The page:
For a given light dose, the cytotoxic efficacy of pleural photodynamic therapy (pPDT) is modulated by two interrelated cancer cell properties: 1) the intrinsic sensitivity to pPDT-mediated cytotoxicity and 2) intracellular photosensitizer (PS) levels. Despite unprecedented survival with radical pleurectomy (RP)/pPDT for patients with malignant pleural mesothelioma (MPM), local relapses remain a significant source of treatment failure and patients who experience early (<12mo) local relapse exhibit an aggressive and rapidly fatal clinical course. These data suggest optimization of PDT strategies by improving patient selection and developing methods to overcome cancer cell resistance to PDT would be clinically valuable. In the previous funding period, we demonstrated that activation of inflammatory signaling through signal transducer and activator of transcription (STAT3) and cyclooxygenase 2 (COX-2) decreases PDT-mediated, direct cancer cell cytotoxicity both increasing intrinsic cancer cell resistance to apoptotic cell death and decreasing cellular levels of specific photosensitizers. In preliminary data, we have found that surgically-induced cytokines activate STAT3 and are associated with decreased PDT efficacy (clinical/preclinical studies) and that Celecoxib, an inhibitor of Cox-2, enhances cancer cell PS levels and reduces the detrimental effects of surgery on PDT (preclinical studies). Finally, inhibiting STAT3 expression the effect of Celecoxib on PS level, accentuating the potential importance of STAT3 as a potential point of integration between inflammatory signaling and inhibition of direct PDT cytotoxicity. These data lead us to hypothesize that STAT3 pathway activation is a significant contributor to the local relapse following RP/pPDT and that modulating this pathway will improve clinical results.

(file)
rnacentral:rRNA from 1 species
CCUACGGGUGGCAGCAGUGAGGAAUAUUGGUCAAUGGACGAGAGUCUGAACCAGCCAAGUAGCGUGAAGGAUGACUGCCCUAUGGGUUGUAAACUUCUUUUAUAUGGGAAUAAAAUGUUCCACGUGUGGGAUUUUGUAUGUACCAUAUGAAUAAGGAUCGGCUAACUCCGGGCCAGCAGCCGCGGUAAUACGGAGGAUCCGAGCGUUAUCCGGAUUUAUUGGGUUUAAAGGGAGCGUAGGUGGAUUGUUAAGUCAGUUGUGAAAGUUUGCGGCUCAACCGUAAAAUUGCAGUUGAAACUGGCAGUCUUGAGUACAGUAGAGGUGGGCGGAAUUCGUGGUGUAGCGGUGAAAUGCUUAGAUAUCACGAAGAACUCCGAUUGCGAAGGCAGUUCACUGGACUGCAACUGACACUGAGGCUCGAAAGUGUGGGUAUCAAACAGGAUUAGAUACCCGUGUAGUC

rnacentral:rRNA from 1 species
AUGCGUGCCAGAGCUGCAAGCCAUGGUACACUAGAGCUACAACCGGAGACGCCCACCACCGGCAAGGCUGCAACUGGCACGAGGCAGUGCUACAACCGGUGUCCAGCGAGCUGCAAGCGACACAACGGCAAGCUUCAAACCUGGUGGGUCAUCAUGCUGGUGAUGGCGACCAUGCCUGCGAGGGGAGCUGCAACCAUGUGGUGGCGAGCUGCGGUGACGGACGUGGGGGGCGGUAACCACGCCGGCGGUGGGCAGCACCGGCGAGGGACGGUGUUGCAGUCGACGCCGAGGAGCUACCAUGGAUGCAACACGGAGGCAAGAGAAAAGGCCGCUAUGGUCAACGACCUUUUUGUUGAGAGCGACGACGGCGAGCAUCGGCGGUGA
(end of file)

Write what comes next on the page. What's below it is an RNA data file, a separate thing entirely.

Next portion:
The Specific Aims of this application involve the molecular mechanisms by which activation of STAT3 and interrelated signaling pathways, such as COX-2, modulate pPDT efficacy.
Aim 1 will determine whether baseline or surgically-induced STAT3 and Cox-2 pathway activation decreases pPDT efficacy in maintaining local (pleural) control of MPM following RP/pPDT using samples from patients.
Aim 2 will determine the mechanisms by which surgically-induced activation of STAT3 and Cox-2 signaling pathways alter PDT efficacy and whether modulation of these pathways will decrease the negative impact of surgical resection on the efficacy of PDT for MPM using a combination of in vitro and in vivo MPM models. By sharing clinical samples and pre-clinical models with Projects 2 and 4, a greater understanding of the relative value of improving pPDT-mediated local control will emerge and inform the design of future clinical trials. Moreover, by identifying mechanisms by which surgery negatively impacts PDT efficacy and developing clinically applicable methods to surmount this challenge, this project will help to remove a critical barrier to the more widespread application of resection with intraoperative PDT as a treatment paradigm in other cancers with high rates of local relapse following surgery.
These studies will identify the mechanism by which surgically-induced signaling contributes to local treatment failure following RP/p-PDT and provide preliminary data on modulating these pathways that will feed into our ongoing and evolving clinical trials for patients with MPM. By sharing clinical samples and pre-clinical models with Projects 2 and 4, a greater understanding of the relative value of improving pPDT-mediated local control will emerge and inform the design of future clinical trials. Moreover, by identifying mechanisms by which surgery negatively impacts PDT efficacy and developing clinically applicable methods to surmount this challenge, this project will help to remove a critical barrier to the more widespread application of resection with intraoperative PDT as a treatment paradigm in other cancers with high rates of local relapse following surgery.
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